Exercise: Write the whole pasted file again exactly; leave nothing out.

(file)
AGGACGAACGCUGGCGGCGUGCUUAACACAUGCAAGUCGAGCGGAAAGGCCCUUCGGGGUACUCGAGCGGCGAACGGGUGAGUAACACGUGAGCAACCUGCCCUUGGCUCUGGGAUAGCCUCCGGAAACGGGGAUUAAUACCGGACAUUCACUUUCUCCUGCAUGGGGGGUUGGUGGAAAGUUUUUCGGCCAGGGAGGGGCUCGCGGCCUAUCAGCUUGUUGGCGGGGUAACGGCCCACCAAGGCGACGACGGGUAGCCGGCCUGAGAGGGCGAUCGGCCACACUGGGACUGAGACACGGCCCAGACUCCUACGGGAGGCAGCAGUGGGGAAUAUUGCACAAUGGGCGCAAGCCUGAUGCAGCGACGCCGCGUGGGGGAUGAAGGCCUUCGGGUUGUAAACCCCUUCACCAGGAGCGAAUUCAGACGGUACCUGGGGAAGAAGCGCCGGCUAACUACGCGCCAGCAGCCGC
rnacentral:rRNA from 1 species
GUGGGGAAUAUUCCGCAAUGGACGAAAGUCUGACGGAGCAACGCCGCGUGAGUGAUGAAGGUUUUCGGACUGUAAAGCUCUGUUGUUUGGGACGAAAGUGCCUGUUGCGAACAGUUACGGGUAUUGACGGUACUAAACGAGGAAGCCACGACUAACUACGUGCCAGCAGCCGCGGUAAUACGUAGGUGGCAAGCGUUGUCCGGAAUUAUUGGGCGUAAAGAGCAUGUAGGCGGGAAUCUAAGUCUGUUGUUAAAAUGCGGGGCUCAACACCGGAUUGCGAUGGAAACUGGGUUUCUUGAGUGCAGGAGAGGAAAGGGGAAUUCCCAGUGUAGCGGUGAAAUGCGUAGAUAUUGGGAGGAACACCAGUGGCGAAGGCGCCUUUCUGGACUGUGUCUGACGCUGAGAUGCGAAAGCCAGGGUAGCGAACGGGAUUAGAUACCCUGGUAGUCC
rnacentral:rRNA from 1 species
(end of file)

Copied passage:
AGGACGAACGCUGGCGGCGUGCUUAACACAUGCAAGUCGAGCGGAAAGGCCCUUCGGGGUACUCGAGCGGCGAACGGGUGAGUAACACGUGAGCAACCUGCCCUUGGCUCUGGGAUAGCCUCCGGAAACGGGGAUUAAUACCGGACAUUCACUUUCUCCUGCAUGGGGGGUUGGUGGAAAGUUUUUCGGCCAGGGAGGGGCUCGCGGCCUAUCAGCUUGUUGGCGGGGUAACGGCCCACCAAGGCGACGACGGGUAGCCGGCCUGAGAGGGCGAUCGGCCACACUGGGACUGAGACACGGCCCAGACUCCUACGGGAGGCAGCAGUGGGGAAUAUUGCACAAUGGGCGCAAGCCUGAUGCAGCGACGCCGCGUGGGGGAUGAAGGCCUUCGGGUUGUAAACCCCUUCACCAGGAGCGAAUUCAGACGGUACCUGGGGAAGAAGCGCCGGCUAACUACGCGCCAGCAGCCGC
rnacentral:rRNA from 1 species
GUGGGGAAUAUUCCGCAAUGGACGAAAGUCUGACGGAGCAACGCCGCGUGAGUGAUGAAGGUUUUCGGACUGUAAAGCUCUGUUGUUUGGGACGAAAGUGCCUGUUGCGAACAGUUACGGGUAUUGACGGUACUAAACGAGGAAGCCACGACUAACUACGUGCCAGCAGCCGCGGUAAUACGUAGGUGGCAAGCGUUGUCCGGAAUUAUUGGGCGUAAAGAGCAUGUAGGCGGGAAUCUAAGUCUGUUGUUAAAAUGCGGGGCUCAACACCGGAUUGCGAUGGAAACUGGGUUUCUUGAGUGCAGGAGAGGAAAGGGGAAUUCCCAGUGUAGCGGUGAAAUGCGUAGAUAUUGGGAGGAACACCAGUGGCGAAGGCGCCUUUCUGGACUGUGUCUGACGCUGAGAUGCGAAAGCCAGGGUAGCGAACGGGAUUAGAUACCCUGGUAGUCC
rnacentral:rRNA from 1 species